Despite many believing the Schipperke, meaning 'little boatman,' descends from the Spitz family, this is not the case. The Schipperke in fact derives from the 17th century Leauvenaar black shepherd dog, which is also the original forebear of the Groenendael Belgian Sheepdog. Developed in Flanders by Renssens, a canal boat captain who wanted a guard and companion dog to accompany him on his barge, the Schipperke has been progressively bred down in size, and appears now as a miniature toy breed. Exported throughout the world after its first appearance at a dog show in 1880, the breed was highly prized as a bold and willing companion dog amongst artisans and fanciers. During WWI, the Schipperke was widely enlisted as messenger dogs by the Belgian Resistance. It was recognised by the American Kennel Club in 1904.
Sometimes referred to as the 'little black fox' or the 'little black devil,' the Schipperke is distinctive in appearance and structure. Boasting short limbs, a stocky frame, a wedge-shaped head with a defined muzzle, and high-set, triangular ears. The coat is profuse and coloured black or blonde, however the latter is less frequently seen. Despite being an illegal practice across Europe, tail 'docking' is often observed in the breed, although most Schipperkes are born without a tail altogether; this is rumoured to have happened when a shoemaker, enraged by the behaviour of his neighbour's dog, decided to cut off its tail.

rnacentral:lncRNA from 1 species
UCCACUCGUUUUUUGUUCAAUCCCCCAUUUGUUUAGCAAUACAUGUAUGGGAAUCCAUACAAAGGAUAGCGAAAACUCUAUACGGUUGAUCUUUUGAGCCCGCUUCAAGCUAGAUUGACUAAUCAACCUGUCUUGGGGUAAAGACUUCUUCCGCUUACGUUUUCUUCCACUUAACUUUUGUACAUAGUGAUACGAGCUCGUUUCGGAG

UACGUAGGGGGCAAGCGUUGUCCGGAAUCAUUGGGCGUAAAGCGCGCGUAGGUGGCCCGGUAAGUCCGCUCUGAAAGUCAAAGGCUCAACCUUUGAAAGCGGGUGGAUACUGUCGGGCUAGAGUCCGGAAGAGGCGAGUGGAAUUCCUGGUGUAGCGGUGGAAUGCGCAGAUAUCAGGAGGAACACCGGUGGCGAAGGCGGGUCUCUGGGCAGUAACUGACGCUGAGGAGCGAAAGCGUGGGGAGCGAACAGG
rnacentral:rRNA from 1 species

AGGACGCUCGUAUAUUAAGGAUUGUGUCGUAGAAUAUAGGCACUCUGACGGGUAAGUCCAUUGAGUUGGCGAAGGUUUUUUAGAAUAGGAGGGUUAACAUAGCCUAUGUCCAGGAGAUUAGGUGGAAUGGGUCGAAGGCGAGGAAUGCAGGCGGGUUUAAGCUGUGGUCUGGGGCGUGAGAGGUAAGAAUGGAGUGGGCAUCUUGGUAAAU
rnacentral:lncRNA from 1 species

Generally speaking, the Schipperke is a highly energetic and inquisitive breed that benefits from both physical and mental stimulation, regular human companionship and firm but fair leadership in order to achieve its pleasing potential. It is common for a Schipperke to display 'Small Dog Syndrome,' including behaviours of stubbornness, dominance and aggression. To curb these behaviours, consistent training and early socialisation is imperative. Otherwise, the Schipperke is gentle, loyal and affectionate and will complement any home setting. A healthy Schipperke at full maturity will weigh 4-9 kg depending on its gender, with a life expectancy of 15 years. It is not uncommon for the breed to outlive this expectancy.
The Schipperke is typically healthy, although various afflictions are identified in the breed. These range from orthopedic complaints to optical disorders, as well as epilepsy. Prone to easy weight gain, Schipperkes should not be fed human foods.